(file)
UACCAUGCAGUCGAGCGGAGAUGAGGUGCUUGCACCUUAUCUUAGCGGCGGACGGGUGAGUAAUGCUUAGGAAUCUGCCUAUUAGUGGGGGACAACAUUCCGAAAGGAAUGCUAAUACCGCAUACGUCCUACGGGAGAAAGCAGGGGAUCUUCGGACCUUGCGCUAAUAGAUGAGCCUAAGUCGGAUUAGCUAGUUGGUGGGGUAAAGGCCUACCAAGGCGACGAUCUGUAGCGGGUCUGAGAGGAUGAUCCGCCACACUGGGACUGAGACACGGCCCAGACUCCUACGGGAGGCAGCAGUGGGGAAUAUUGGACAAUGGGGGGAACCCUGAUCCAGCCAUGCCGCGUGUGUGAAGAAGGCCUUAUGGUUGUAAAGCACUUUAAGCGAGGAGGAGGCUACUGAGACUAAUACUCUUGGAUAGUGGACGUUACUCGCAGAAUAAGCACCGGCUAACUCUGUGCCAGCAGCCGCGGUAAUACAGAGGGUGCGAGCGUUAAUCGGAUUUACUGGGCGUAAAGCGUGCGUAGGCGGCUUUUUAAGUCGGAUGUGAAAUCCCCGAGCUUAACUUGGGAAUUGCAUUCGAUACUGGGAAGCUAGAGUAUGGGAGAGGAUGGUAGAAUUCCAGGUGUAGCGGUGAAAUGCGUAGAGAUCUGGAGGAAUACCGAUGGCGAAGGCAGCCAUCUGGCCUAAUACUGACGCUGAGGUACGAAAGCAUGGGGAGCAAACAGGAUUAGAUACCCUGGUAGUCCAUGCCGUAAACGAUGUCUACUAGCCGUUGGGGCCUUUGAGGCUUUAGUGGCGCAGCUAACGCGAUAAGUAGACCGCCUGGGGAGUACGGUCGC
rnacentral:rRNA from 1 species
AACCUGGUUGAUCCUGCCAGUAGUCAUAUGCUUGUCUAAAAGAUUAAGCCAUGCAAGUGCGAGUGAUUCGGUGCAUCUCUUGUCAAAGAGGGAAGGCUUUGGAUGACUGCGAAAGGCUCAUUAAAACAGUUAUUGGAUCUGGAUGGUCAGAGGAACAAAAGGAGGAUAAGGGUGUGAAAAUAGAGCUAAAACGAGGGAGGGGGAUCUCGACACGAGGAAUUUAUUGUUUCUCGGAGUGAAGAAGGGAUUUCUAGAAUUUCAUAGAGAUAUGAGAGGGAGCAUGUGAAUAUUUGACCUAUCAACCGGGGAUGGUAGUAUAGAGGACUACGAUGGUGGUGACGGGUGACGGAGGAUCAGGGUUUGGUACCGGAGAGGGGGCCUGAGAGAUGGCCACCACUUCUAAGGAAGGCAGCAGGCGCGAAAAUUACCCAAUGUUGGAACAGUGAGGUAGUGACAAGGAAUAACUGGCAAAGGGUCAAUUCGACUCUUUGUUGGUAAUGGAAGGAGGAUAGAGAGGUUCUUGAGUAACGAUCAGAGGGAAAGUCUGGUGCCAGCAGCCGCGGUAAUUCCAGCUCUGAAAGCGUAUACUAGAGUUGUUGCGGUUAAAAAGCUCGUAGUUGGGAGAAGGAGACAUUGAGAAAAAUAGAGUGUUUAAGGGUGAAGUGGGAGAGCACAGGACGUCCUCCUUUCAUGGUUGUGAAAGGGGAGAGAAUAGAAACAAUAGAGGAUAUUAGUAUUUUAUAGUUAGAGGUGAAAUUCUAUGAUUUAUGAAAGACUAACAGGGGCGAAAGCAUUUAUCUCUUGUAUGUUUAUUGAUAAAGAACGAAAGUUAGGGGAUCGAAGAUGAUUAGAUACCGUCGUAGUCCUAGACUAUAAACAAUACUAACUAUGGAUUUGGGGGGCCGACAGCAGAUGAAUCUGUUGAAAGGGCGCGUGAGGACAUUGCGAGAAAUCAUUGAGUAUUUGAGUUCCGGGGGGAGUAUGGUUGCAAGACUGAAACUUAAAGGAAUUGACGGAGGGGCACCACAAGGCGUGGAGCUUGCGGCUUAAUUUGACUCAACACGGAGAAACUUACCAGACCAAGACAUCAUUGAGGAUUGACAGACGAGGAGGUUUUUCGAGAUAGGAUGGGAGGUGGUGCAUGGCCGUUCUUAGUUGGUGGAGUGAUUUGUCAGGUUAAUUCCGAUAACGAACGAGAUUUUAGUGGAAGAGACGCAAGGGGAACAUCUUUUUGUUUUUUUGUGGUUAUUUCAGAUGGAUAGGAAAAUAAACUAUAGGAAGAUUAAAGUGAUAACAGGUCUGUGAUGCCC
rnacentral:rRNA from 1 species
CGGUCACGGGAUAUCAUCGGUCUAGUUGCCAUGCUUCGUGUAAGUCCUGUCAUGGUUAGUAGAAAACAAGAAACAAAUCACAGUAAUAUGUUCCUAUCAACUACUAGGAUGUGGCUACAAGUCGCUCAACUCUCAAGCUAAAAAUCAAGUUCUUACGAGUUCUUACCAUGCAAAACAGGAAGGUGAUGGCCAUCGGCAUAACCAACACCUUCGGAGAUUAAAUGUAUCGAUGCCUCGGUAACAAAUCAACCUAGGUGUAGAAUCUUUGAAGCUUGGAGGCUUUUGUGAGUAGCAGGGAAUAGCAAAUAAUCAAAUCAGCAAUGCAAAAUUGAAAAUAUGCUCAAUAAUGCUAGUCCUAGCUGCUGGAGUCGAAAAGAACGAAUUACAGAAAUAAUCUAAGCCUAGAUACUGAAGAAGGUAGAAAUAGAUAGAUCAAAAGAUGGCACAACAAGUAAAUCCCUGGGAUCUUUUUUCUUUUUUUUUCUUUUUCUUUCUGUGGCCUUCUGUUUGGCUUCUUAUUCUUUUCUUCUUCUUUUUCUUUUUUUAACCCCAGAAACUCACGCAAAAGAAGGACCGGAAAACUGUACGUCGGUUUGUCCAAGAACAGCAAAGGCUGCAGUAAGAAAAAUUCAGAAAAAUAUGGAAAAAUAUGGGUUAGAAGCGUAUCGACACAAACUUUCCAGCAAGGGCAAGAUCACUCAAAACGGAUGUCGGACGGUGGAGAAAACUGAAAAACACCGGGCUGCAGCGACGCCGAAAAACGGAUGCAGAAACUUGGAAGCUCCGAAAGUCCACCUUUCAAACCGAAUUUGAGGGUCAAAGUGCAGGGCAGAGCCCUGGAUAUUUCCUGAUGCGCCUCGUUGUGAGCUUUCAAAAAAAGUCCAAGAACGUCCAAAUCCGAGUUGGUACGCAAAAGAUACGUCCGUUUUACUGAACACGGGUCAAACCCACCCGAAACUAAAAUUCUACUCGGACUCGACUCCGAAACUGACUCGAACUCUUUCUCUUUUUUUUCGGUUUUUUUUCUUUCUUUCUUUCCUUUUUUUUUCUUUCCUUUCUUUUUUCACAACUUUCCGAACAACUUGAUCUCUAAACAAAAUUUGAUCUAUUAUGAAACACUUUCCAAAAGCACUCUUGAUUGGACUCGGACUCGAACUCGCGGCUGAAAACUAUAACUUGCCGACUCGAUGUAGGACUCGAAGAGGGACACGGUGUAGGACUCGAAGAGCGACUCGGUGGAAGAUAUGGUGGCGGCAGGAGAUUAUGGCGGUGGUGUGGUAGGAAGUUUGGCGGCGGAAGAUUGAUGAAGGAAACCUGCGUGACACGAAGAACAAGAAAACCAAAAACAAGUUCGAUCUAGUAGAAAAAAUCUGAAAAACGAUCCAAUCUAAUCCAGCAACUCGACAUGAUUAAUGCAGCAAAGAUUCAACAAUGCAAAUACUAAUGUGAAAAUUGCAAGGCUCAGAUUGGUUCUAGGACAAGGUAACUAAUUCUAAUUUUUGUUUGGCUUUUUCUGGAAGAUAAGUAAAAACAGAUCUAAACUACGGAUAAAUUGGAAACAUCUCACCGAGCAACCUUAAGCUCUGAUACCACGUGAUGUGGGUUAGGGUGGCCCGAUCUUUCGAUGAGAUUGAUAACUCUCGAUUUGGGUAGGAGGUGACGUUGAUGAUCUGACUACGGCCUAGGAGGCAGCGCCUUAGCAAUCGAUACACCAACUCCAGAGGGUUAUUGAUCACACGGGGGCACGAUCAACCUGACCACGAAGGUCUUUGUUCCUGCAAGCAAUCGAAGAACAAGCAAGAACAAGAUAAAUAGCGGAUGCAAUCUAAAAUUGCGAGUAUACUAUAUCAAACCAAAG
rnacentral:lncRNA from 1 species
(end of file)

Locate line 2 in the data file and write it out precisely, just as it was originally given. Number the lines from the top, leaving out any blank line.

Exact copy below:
rnacentral:rRNA from 1 species